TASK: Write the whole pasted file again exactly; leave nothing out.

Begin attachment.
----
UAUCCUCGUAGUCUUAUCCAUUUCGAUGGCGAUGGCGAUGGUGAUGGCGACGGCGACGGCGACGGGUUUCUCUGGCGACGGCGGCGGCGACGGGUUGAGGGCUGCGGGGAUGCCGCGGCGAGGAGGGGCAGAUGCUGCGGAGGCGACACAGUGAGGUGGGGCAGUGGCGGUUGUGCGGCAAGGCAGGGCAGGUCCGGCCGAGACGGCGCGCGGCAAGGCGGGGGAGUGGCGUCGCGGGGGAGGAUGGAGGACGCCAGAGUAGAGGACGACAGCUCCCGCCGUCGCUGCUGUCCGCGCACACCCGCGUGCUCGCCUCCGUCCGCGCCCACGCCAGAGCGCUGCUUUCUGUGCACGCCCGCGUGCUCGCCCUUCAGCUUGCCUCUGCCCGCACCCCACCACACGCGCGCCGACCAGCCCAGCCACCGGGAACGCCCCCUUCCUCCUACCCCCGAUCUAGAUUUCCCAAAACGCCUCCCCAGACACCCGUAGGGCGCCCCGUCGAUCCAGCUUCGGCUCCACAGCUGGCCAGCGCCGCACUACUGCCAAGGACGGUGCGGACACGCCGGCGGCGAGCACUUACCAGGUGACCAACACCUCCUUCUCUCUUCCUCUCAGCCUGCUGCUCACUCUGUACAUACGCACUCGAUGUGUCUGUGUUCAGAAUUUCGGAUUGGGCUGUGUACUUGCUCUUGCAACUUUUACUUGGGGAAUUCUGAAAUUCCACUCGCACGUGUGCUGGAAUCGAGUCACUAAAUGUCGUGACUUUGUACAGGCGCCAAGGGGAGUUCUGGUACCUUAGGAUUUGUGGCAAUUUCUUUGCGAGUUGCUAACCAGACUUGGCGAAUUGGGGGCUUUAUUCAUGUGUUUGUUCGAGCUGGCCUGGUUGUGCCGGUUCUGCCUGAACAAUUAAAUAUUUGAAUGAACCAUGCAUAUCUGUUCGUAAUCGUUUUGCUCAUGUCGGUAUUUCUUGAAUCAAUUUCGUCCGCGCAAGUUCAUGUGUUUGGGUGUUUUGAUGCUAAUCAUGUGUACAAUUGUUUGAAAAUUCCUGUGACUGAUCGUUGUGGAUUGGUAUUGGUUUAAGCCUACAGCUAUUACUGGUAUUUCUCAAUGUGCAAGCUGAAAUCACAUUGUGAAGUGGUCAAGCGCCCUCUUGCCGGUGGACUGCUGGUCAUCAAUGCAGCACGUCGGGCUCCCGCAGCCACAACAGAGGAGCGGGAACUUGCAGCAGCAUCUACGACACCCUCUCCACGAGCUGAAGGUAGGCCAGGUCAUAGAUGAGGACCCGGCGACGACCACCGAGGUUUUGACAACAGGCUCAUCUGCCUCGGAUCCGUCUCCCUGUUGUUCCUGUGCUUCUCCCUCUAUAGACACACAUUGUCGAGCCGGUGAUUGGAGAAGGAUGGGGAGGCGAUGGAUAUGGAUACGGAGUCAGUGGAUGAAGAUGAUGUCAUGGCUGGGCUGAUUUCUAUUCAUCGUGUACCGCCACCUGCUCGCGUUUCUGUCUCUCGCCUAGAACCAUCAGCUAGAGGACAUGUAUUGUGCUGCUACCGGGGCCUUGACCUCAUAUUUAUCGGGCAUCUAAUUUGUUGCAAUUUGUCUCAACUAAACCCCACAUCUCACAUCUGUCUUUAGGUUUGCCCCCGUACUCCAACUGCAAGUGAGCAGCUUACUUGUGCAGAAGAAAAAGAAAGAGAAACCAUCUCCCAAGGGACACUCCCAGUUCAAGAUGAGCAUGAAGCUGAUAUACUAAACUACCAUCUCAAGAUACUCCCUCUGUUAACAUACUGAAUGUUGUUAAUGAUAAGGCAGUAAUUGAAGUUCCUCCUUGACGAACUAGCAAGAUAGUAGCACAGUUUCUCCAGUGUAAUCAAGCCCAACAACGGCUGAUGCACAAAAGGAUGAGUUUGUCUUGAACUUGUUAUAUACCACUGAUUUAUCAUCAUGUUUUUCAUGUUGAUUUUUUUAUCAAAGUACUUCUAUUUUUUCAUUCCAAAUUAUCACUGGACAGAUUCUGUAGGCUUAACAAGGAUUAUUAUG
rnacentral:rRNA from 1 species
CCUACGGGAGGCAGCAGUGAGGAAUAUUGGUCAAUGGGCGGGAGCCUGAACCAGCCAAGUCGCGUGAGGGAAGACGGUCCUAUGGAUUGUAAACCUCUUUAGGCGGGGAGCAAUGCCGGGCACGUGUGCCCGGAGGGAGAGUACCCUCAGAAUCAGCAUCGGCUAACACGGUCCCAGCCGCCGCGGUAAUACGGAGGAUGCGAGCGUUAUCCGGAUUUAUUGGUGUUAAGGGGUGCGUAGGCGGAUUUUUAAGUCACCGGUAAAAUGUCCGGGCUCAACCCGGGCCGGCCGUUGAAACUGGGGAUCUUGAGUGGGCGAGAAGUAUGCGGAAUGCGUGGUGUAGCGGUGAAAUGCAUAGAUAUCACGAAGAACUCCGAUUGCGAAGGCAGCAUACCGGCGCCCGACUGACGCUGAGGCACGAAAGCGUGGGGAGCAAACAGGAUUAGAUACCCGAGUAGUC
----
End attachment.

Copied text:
UAUCCUCGUAGUCUUAUCCAUUUCGAUGGCGAUGGCGAUGGUGAUGGCGACGGCGACGGCGACGGGUUUCUCUGGCGACGGCGGCGGCGACGGGUUGAGGGCUGCGGGGAUGCCGCGGCGAGGAGGGGCAGAUGCUGCGGAGGCGACACAGUGAGGUGGGGCAGUGGCGGUUGUGCGGCAAGGCAGGGCAGGUCCGGCCGAGACGGCGCGCGGCAAGGCGGGGGAGUGGCGUCGCGGGGGAGGAUGGAGGACGCCAGAGUAGAGGACGACAGCUCCCGCCGUCGCUGCUGUCCGCGCACACCCGCGUGCUCGCCUCCGUCCGCGCCCACGCCAGAGCGCUGCUUUCUGUGCACGCCCGCGUGCUCGCCCUUCAGCUUGCCUCUGCCCGCACCCCACCACACGCGCGCCGACCAGCCCAGCCACCGGGAACGCCCCCUUCCUCCUACCCCCGAUCUAGAUUUCCCAAAACGCCUCCCCAGACACCCGUAGGGCGCCCCGUCGAUCCAGCUUCGGCUCCACAGCUGGCCAGCGCCGCACUACUGCCAAGGACGGUGCGGACACGCCGGCGGCGAGCACUUACCAGGUGACCAACACCUCCUUCUCUCUUCCUCUCAGCCUGCUGCUCACUCUGUACAUACGCACUCGAUGUGUCUGUGUUCAGAAUUUCGGAUUGGGCUGUGUACUUGCUCUUGCAACUUUUACUUGGGGAAUUCUGAAAUUCCACUCGCACGUGUGCUGGAAUCGAGUCACUAAAUGUCGUGACUUUGUACAGGCGCCAAGGGGAGUUCUGGUACCUUAGGAUUUGUGGCAAUUUCUUUGCGAGUUGCUAACCAGACUUGGCGAAUUGGGGGCUUUAUUCAUGUGUUUGUUCGAGCUGGCCUGGUUGUGCCGGUUCUGCCUGAACAAUUAAAUAUUUGAAUGAACCAUGCAUAUCUGUUCGUAAUCGUUUUGCUCAUGUCGGUAUUUCUUGAAUCAAUUUCGUCCGCGCAAGUUCAUGUGUUUGGGUGUUUUGAUGCUAAUCAUGUGUACAAUUGUUUGAAAAUUCCUGUGACUGAUCGUUGUGGAUUGGUAUUGGUUUAAGCCUACAGCUAUUACUGGUAUUUCUCAAUGUGCAAGCUGAAAUCACAUUGUGAAGUGGUCAAGCGCCCUCUUGCCGGUGGACUGCUGGUCAUCAAUGCAGCACGUCGGGCUCCCGCAGCCACAACAGAGGAGCGGGAACUUGCAGCAGCAUCUACGACACCCUCUCCACGAGCUGAAGGUAGGCCAGGUCAUAGAUGAGGACCCGGCGACGACCACCGAGGUUUUGACAACAGGCUCAUCUGCCUCGGAUCCGUCUCCCUGUUGUUCCUGUGCUUCUCCCUCUAUAGACACACAUUGUCGAGCCGGUGAUUGGAGAAGGAUGGGGAGGCGAUGGAUAUGGAUACGGAGUCAGUGGAUGAAGAUGAUGUCAUGGCUGGGCUGAUUUCUAUUCAUCGUGUACCGCCACCUGCUCGCGUUUCUGUCUCUCGCCUAGAACCAUCAGCUAGAGGACAUGUAUUGUGCUGCUACCGGGGCCUUGACCUCAUAUUUAUCGGGCAUCUAAUUUGUUGCAAUUUGUCUCAACUAAACCCCACAUCUCACAUCUGUCUUUAGGUUUGCCCCCGUACUCCAACUGCAAGUGAGCAGCUUACUUGUGCAGAAGAAAAAGAAAGAGAAACCAUCUCCCAAGGGACACUCCCAGUUCAAGAUGAGCAUGAAGCUGAUAUACUAAACUACCAUCUCAAGAUACUCCCUCUGUUAACAUACUGAAUGUUGUUAAUGAUAAGGCAGUAAUUGAAGUUCCUCCUUGACGAACUAGCAAGAUAGUAGCACAGUUUCUCCAGUGUAAUCAAGCCCAACAACGGCUGAUGCACAAAAGGAUGAGUUUGUCUUGAACUUGUUAUAUACCACUGAUUUAUCAUCAUGUUUUUCAUGUUGAUUUUUUUAUCAAAGUACUUCUAUUUUUUCAUUCCAAAUUAUCACUGGACAGAUUCUGUAGGCUUAACAAGGAUUAUUAUG
rnacentral:rRNA from 1 species
CCUACGGGAGGCAGCAGUGAGGAAUAUUGGUCAAUGGGCGGGAGCCUGAACCAGCCAAGUCGCGUGAGGGAAGACGGUCCUAUGGAUUGUAAACCUCUUUAGGCGGGGAGCAAUGCCGGGCACGUGUGCCCGGAGGGAGAGUACCCUCAGAAUCAGCAUCGGCUAACACGGUCCCAGCCGCCGCGGUAAUACGGAGGAUGCGAGCGUUAUCCGGAUUUAUUGGUGUUAAGGGGUGCGUAGGCGGAUUUUUAAGUCACCGGUAAAAUGUCCGGGCUCAACCCGGGCCGGCCGUUGAAACUGGGGAUCUUGAGUGGGCGAGAAGUAUGCGGAAUGCGUGGUGUAGCGGUGAAAUGCAUAGAUAUCACGAAGAACUCCGAUUGCGAAGGCAGCAUACCGGCGCCCGACUGACGCUGAGGCACGAAAGCGUGGGGAGCAAACAGGAUUAGAUACCCGAGUAGUC